| |

German Mesothelioma Study Has Surprising Result


More invasive surgery doesn’t necessarily improve survival in patients with pleural mesothelioma. A less invasive approach is just as safe and effective, and it helps patients stay healthy enough to undergo additional chemotherapy and radiation treatments, according to a study published online September 16 in the journal, Lung Cancer.

Because individual treatments have not had much success against mesothelioma, triple therapy including surgery, chemotherapy, and radiation has emerged as the treatment of choice. Surgeons can choose from several different types of procedures, including extrapleural pneumonectomy (EPP) or pleurectomy/decortication (P/D). However, no official guidelines exist to help them make the decision.

“There aren’t prospective, randomized trials comparing different surgical options,” explains Servet Bölükbas, MD, PhD, a surgeon at Dr. Horst Schmidt Kliniken in Wiesbaden, Germany. “The surgeons’ decision to perform pleurectomy or EPP is mostly influenced by the surgeons’ philosophy.” Most surgeons favor the more aggressive EPP approach, which removes the lung, lining of the lung and heart, and diaphragm, he says. In contrast, RP removes only the lining of the lung, sparing the lung itself.

Dr. Bölükbas and his colleagues investigated the safety and effectiveness of using the less invasive radical pleurectomy (RP) technique as part of a triple therapy for pleural mesothelioma. Their treatment approach was derived, in part, from a 1991 study conducted by co-author Joachim Schirren, MD, PhD, which found better outcomes with P/D than with the more invasive EPP.

In the current study, 33 mesothelioma patients underwent RP surgery, followed by chemotherapy (with Permetrexed/Cisplatin), and radiation therapy. Overall, patients in the study survived an average of 30 months. Sixty-nine percent lived for one year, 50% survived two years, and 31% lived for three years. Patients who were initially eligible for EPP at stage 1 and underwent complete surgical resection of their cancer survived for more than 56 months.

“Our survival rates are comparable to survival rates after EPP, even a little better,” says Dr. Bölükbas. “Even in [the] event of recurrence, our patients are able to tolerate additional therapy, which prolongs life. Patients after EPP mostly are not able to tolerate any additional therapy.” More than half of mesothelioma patients in this study who completed the original therapy were eligible for additional treatment with chemotherapy.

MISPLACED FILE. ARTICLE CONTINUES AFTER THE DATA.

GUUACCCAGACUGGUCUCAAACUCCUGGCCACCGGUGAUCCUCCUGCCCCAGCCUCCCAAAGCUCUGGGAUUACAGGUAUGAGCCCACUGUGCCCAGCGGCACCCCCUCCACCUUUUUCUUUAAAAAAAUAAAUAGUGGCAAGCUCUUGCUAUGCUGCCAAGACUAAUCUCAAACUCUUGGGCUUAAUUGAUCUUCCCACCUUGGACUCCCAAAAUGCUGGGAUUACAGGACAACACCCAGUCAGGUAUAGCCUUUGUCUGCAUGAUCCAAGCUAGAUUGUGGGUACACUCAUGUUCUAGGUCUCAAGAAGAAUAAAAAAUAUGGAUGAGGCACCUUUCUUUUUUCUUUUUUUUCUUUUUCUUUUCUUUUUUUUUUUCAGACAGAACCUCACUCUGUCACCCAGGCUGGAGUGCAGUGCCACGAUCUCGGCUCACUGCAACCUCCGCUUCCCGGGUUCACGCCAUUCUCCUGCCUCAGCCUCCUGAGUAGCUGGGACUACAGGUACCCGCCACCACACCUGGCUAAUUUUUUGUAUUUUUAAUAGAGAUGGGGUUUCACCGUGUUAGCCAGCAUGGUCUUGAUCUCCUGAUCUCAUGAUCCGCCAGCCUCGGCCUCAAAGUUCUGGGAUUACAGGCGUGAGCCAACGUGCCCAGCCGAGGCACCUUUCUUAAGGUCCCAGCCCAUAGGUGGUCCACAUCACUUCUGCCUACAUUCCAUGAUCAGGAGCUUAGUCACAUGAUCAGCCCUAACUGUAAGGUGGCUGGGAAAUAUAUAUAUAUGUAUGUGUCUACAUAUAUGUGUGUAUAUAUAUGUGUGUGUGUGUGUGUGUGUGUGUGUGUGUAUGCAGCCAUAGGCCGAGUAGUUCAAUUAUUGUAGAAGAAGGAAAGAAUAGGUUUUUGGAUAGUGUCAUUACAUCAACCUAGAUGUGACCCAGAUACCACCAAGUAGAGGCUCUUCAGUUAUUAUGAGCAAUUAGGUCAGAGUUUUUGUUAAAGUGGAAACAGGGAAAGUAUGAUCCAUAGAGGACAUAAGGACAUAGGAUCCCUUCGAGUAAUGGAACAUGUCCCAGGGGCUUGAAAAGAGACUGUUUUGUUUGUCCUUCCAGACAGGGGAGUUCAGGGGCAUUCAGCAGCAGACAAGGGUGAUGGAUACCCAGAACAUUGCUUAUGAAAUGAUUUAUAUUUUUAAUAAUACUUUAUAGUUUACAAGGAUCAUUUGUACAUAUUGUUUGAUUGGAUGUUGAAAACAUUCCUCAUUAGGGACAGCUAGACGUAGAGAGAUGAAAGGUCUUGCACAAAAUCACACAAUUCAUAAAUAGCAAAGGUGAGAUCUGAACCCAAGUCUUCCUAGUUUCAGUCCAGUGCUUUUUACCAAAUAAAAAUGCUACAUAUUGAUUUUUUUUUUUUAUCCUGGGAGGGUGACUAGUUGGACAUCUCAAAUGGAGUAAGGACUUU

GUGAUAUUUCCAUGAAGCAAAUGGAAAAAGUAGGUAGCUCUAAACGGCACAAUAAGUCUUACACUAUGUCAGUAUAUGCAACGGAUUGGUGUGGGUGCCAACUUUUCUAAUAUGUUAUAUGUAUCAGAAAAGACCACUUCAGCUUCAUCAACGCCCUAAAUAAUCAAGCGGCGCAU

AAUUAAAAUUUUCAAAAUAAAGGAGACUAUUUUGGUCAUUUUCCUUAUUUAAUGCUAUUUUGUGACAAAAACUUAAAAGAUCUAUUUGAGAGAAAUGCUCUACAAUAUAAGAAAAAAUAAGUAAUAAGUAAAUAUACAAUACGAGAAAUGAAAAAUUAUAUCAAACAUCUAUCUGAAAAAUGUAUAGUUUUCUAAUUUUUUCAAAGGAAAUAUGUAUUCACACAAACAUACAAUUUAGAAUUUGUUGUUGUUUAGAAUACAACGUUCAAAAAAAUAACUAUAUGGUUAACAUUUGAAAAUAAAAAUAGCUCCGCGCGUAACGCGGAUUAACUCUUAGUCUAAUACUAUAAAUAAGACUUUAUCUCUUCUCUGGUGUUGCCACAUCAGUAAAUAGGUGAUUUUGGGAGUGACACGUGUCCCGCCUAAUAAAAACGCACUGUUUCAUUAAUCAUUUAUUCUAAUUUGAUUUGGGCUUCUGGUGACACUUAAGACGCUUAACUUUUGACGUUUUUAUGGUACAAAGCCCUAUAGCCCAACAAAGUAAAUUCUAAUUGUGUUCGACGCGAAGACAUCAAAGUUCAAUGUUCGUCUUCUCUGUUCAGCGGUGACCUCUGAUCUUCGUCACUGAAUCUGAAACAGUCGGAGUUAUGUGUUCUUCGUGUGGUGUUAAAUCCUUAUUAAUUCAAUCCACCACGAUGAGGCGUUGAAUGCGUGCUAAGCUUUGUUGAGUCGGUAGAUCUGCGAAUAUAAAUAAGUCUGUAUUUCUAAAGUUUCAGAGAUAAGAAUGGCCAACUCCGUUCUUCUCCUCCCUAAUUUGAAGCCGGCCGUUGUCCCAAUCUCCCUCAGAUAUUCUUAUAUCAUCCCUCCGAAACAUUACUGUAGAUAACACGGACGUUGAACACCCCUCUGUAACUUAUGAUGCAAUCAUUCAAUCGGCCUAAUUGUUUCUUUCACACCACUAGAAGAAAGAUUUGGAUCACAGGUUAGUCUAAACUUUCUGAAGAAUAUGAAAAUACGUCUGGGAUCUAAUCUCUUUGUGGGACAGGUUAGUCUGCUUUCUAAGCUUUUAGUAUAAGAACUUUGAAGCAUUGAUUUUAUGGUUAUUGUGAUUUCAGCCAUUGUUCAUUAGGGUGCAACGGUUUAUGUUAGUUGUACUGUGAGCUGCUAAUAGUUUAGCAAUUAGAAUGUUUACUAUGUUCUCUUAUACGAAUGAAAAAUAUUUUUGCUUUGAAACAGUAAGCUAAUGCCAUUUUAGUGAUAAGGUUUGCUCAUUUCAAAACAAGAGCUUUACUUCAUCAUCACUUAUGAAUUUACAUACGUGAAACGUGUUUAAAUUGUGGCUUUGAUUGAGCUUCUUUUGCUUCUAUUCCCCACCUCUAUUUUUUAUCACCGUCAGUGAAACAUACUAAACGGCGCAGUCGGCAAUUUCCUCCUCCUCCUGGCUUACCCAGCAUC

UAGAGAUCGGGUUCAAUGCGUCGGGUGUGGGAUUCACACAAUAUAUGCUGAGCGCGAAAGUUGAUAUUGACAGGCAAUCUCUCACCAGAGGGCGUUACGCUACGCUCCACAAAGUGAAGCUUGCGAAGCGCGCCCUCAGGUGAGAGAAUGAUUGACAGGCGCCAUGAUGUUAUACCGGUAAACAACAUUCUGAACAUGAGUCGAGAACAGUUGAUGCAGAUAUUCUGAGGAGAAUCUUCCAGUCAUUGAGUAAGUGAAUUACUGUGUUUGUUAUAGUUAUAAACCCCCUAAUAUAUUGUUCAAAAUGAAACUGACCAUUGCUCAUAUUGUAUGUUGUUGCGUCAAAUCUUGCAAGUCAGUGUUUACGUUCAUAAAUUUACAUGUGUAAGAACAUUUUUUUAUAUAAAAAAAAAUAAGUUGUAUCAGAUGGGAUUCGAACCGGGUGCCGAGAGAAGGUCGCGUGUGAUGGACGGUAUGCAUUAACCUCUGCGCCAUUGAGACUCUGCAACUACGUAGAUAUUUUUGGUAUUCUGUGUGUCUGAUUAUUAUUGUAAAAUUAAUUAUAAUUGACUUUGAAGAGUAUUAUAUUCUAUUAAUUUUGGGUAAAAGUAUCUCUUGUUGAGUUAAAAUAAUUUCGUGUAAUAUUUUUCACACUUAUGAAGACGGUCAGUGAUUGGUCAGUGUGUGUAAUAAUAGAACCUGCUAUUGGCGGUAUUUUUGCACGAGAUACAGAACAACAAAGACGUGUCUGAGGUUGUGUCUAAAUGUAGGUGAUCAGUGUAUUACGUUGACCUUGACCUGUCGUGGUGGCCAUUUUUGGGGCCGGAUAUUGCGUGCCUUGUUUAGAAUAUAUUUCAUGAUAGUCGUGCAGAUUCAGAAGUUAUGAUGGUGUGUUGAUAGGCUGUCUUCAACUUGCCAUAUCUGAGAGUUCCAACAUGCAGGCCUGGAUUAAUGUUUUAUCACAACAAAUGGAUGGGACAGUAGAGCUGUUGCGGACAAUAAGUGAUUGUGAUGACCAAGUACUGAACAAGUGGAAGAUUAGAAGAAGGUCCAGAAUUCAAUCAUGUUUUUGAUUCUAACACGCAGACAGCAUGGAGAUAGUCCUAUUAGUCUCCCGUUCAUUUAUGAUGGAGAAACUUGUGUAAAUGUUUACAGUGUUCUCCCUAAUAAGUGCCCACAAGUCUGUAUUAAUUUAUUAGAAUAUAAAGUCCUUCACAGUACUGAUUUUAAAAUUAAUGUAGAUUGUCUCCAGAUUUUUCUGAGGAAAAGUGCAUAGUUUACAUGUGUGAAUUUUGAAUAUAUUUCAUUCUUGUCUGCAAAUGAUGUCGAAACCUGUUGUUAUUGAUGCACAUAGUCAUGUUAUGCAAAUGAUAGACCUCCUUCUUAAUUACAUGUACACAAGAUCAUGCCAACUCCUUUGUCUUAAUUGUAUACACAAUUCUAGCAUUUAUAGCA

RP also had lower complication rates than EPP. Up to 50% of EPP patients have major complications that require further surgery or therapy. In this study, complication rates with RP were just 20%.

In 12 patients in the study, the mesothelioma returned locally, and it spread in eight patients. Dr. Bölükbas says mesothelioma often returns after treatment, regardless of which surgery is used, because it is difficult to remove enough of the cancerous tissue without damaging nearby organs. “It would be mandatory to resect also the complete chest wall, all ribs, the aorta, esophagus, etcetera to achieve microscopic resection and adequate safety margins. This is not possible,” he says.

Another major benefit of RP over EPP is that it is possible to perform in patients at all stages of mesothelioma. Because it is so invasive, EPP can only be done in patients with earlier stage cancers who don’t have other significant illnesses.

Before triple therapy with RP can be recommended for pleural mesothelioma patients, several questions still need to be answered, according to the study’s authors. First, researchers need to determine which treatment order is most effective. In this study surgery was performed before chemotherapy, with the goal of removing any viable cancer. Microscopic disease that remains after the procedure can be treated by both chemotherapy and radiation. Yet other studies have found that administering chemotherapy first is an effective way to shrink the tumor before surgery. Second, researchers still need to determine the best timing and type of radiation.

In the future, Dr. Bölükbas also plans to investigate ways to individualize this mesothelioma therapy. “That means that we are investigating the biology of the tumor, so that we can choose the right chemotherapy for the patients,” he says.


Bölükbas S, Manegold C, Eberlein M, Bergmann T, Fisseler-Eckhoff A, Schirren J. Survival after trimodality therapy for malignant pleural mesothelioma: Radical pleurectomy, chemotherapy with Cisplatin/Permetrexed and radiotherapy. Lung Cancer. 2009 Sept 16. [Epub ahead of print]

Branscheid D, Krysa S, Bauer E, Bulzebruck H, Schirren J. Diagnostic and therapeutic strategy in malignant pleural mesothelioma. Eur J Cardiothorac Surg. 1991;5:466-472.

Similar Posts